Monday, December 5, 2011

Living With Pots

This soup mug was made by Ashley Kim. Not sure if you can make out the detail, but there is a line of red stitching around the waistline of this soup mug. Amazing feel in the hand. The recurved handle fits so incredibly well.  Ashley is having her holiday studio sale right now, so grab some pots before they are gone!

This next mug was made by Lynne Hobaica. My friend Sabra bought it for Aurora when she and I visited the Genessee Pottery in Rochester back at the end of Summer. Fantastic show! Just wish we had been there opening night so we could get more pots!

This last pot is one of my earliest bowls. Probably hadn't made two dozen bowls at this time. I thought of this as a BIG bowl when I made it. I had my daily lunch of ramen noodles in this through my second year of college. It travelled with me across the country so many times. It made the trip to WA state, to Florida, back to MA. Eventually out to UT for a long time. Finally it made it's home back here. The strangest thing about this bowl is its boring color. Honey Clear was a glaze I picked up from Vince Pitelka when I was at UMASS/amherst. It is a very VERY matte magnesium based glaze, but by adding 15% manganese dioxide to the glaze, it becomes a wonderful satin matte, with a gorgeous honey color. It feels almost like silk. Unfortunately the anemic color really killed sales. Nancy says it is quite possibly her least favorite glaze she has ever seen me use.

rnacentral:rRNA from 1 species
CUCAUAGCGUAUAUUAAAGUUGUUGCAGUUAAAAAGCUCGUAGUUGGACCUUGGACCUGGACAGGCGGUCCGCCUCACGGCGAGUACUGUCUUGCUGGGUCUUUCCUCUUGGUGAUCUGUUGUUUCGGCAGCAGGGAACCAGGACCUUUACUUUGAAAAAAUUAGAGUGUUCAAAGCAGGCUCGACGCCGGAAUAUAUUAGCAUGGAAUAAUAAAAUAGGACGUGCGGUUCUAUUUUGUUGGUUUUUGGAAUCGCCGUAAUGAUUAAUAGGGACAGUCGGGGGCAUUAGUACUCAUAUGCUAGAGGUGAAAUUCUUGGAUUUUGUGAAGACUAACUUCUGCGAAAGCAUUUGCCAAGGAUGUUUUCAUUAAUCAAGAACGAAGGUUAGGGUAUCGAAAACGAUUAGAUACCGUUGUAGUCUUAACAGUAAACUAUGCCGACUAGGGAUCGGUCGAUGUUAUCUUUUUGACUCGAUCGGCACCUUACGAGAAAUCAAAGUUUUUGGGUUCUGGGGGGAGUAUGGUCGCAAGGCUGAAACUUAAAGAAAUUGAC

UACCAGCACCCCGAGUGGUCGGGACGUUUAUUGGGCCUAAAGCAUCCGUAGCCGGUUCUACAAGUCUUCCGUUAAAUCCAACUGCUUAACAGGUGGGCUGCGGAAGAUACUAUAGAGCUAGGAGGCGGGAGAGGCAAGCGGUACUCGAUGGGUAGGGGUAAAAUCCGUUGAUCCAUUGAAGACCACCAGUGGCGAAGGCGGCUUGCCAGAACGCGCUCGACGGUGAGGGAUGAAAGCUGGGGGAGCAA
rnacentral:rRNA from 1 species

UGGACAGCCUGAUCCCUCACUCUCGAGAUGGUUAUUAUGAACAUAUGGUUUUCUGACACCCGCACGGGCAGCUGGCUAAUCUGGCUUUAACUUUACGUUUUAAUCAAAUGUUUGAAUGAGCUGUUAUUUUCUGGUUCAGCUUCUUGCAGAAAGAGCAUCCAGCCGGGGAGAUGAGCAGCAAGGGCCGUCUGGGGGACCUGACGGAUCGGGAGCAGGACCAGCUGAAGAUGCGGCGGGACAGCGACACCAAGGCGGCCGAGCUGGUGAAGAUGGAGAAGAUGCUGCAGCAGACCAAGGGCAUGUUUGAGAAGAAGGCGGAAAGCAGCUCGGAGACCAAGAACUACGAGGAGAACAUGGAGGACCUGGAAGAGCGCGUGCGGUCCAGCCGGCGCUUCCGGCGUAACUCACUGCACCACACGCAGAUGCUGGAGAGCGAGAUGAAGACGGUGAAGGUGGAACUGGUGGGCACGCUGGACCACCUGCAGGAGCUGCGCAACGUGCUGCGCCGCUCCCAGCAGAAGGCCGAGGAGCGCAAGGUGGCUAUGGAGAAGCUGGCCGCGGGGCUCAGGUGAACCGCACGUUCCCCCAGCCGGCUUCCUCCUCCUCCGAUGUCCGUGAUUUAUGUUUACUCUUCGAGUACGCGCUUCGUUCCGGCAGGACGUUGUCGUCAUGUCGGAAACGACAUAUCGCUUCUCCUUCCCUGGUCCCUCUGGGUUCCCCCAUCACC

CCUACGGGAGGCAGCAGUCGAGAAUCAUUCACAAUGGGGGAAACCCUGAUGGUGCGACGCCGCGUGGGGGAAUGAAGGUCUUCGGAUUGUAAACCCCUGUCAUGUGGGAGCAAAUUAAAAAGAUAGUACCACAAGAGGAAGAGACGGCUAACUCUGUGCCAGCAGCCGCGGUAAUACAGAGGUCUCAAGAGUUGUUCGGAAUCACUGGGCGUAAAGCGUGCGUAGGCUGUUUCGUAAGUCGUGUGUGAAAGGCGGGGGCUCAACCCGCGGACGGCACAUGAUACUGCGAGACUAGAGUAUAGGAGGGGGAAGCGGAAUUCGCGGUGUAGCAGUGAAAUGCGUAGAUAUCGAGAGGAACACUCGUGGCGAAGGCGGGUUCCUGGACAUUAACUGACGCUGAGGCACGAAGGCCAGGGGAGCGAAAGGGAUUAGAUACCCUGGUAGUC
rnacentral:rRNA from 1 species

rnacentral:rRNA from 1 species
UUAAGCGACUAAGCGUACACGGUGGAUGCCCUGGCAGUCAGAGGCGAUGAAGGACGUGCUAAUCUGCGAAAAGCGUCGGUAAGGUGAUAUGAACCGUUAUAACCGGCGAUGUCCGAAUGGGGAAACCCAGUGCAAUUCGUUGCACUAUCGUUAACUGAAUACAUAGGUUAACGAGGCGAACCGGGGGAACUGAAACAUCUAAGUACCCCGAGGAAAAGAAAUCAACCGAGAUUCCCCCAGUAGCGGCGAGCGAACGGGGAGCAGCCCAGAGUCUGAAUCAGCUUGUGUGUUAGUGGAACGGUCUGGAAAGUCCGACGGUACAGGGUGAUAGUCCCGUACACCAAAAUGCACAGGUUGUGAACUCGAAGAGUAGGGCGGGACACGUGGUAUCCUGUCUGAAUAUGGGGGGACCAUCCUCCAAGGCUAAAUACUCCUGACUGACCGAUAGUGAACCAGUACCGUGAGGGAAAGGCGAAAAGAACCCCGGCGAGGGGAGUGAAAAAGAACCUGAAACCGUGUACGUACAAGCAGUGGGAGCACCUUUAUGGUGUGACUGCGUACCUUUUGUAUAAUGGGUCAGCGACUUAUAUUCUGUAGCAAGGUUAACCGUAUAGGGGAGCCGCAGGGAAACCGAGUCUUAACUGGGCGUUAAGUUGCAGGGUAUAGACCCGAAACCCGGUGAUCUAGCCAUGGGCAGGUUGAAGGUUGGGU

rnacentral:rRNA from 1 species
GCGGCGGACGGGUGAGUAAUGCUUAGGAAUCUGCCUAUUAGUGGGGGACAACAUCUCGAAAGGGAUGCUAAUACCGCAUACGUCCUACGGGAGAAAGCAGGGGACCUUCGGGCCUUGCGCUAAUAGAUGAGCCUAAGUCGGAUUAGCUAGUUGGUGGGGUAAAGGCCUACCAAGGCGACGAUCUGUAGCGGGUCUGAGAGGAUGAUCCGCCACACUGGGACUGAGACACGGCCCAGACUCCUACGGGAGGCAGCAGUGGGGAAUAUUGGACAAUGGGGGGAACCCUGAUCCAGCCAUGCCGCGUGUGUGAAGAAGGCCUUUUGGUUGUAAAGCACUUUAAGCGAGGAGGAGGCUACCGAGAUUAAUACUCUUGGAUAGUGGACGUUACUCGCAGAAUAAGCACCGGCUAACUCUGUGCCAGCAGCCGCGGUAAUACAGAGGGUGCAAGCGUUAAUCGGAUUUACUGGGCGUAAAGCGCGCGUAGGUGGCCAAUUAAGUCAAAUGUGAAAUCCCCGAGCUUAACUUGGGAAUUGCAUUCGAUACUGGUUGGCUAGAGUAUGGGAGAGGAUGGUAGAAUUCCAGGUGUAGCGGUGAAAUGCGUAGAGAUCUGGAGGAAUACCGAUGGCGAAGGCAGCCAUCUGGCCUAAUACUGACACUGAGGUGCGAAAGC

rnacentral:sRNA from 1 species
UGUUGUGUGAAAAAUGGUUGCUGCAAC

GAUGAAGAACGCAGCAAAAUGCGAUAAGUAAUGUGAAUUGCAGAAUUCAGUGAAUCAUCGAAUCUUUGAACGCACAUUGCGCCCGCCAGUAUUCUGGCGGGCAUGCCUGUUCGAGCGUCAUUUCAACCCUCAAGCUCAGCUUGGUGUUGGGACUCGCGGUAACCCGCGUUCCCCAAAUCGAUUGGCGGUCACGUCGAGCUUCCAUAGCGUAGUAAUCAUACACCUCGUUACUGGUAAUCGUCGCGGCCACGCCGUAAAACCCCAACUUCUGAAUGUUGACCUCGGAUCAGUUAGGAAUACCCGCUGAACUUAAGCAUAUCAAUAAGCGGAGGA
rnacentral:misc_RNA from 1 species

The other novel thing about this bowl is that is has red slate powder wedged into the claybody. A friend dug some up from the running track at Smith College... in hopes of making an oil spot glaze based on recipes from Nigel Wood. His glazes never worked out, but I used some of his red slate powder in my claybody. Shredded my fingers while trying to throw the stuff. Imagine glass in your claybody... slate is sharper! ouch.


Saga said...

Nice pots:) Thanx for sharing.

Linda Starr said...

You just reminded me of a potter who puts iron shavings into his pots and fires them and the iron does wonderful things, seems to me he pats them on after he makes the pot, but can't' remember. I saw them on flicker I must look them up again. Great you still have your early bowl, once again great photos.